“Progress has now stopped.” “We’ve regressed.” “We’ve been set back about 25 years in about 25 weeks.” These dire statements stand out in the introduction of the Gates Foundation’s Goalkeepers Report, titled COVID-19: A Global Perspective. Released this week, the fourth annual report tracks progress on 18 global goals, ranging from ending poverty to fighting inequalities. The report had always delivered good news on all fronts—until this year, due to the COVID-19 pandemic.
In addition to the illness and death caused by the new coronavirus, the pandemic “affects every aspect of society” across the globe. “In the blink of an eye,” write the authors of the report, “a health crisis became an economic crisis, a food crisis, a housing crisis, a political crisis. Everything collided with everything else.”
For example, extreme poverty increased 7% because of COVID-19, and vaccine coverage—considered a barometer for gauging how well health care systems are operating—decreased to 1990s levels.
What’s more, the pandemic has magnified existing inequalities worldwide. In low-and middle-income countries, women are more likely to be newly impoverished because they work in fields such as domestic work that have been hard-hit by the pandemic and receive little support from the government. And because COVID-19 has disrupted health care related to childbirth, women are more likely than men to suffer and die because of the pandemic.
In the United States, the report points out, 23% of white Americans worried they couldn’t pay rent in August; among African Americans and Latinos, that number jumped to 46%. In addition, African Americans and Latinos are more likely to get sick and die of COVID-19.
The pandemic also hinders the United Nations’ global efforts to end the epidemics of AIDS, tuberculosis, malaria and neglected tropical diseases. In a video included in the report, Bill Gates explains how COVID-19 disrupts the fight against malaria (you can watch the video at the top of this article).
In a section about HIV, the report looks at various scenarios for rates in the future but also notes:
Current evidence shows that people living with HIV are at increased risk of death due to COVID-19. But the indirect effects of the pandemic are also worrying.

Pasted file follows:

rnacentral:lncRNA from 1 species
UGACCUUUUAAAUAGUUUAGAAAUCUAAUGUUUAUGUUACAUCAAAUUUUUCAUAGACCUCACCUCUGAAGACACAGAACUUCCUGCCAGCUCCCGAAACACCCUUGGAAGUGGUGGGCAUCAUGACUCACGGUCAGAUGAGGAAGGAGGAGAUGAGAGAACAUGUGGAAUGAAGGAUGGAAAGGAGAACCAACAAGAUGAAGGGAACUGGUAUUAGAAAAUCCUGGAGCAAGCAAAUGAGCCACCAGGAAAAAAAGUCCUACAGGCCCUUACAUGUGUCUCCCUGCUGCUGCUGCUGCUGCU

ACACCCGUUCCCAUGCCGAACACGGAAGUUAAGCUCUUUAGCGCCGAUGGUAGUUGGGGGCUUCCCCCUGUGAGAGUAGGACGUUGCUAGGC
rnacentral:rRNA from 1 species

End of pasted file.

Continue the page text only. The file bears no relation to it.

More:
Disruptions to health services could mean people don’t get antiretroviral therapy (ART), which would result in more deaths and more infections (because viral loads are higher in untreated patients, they are more likely to transmit to others). So far, this worst-case scenario has not happened, although some countries are struggling to maintain services. One innovation that seems to be helping is multi-month dispensing—a simple approach that helps people fit treatment into their lives and keeps them out of overburdened clinics. Even after COVID is under control, this will be a more effective, efficient way to dispense ART.
The report does offer a glimmer of hope. Although the pandemic has taken the world a step back from progress, we can act now to prevent even worse outcomes. Innovations such as new ways to distribute meds and conduct contact tracing of people with COVID-19, the report notes, will help. As will vaccine research and the financial support of nations such as the United States.
A press release for the Goalkeepers Report highlighted data from Northwestern University showing that if wealthy countries buy up the first 2 billion doses of vaccines instead of distributing them equally, nearly twice as many people will die of COVID-19.
“One of the most troubling things about this pandemic is that by disrupting health systems and the global economy, it’s starting to erase the progress people have made toward living healthier, more productive lives,” Melinda Gates said in the press release. “Our report highlights actions the world can take to turn things around. Researchers are very close to developing safe, effective coronavirus vaccines, but breakthrough science must be met by breakthrough generosity. We need leaders in government and the pharmaceutical industry to ensure that everyone, regardless of where they live, can access these vaccines. And we’re hopeful that will happen.”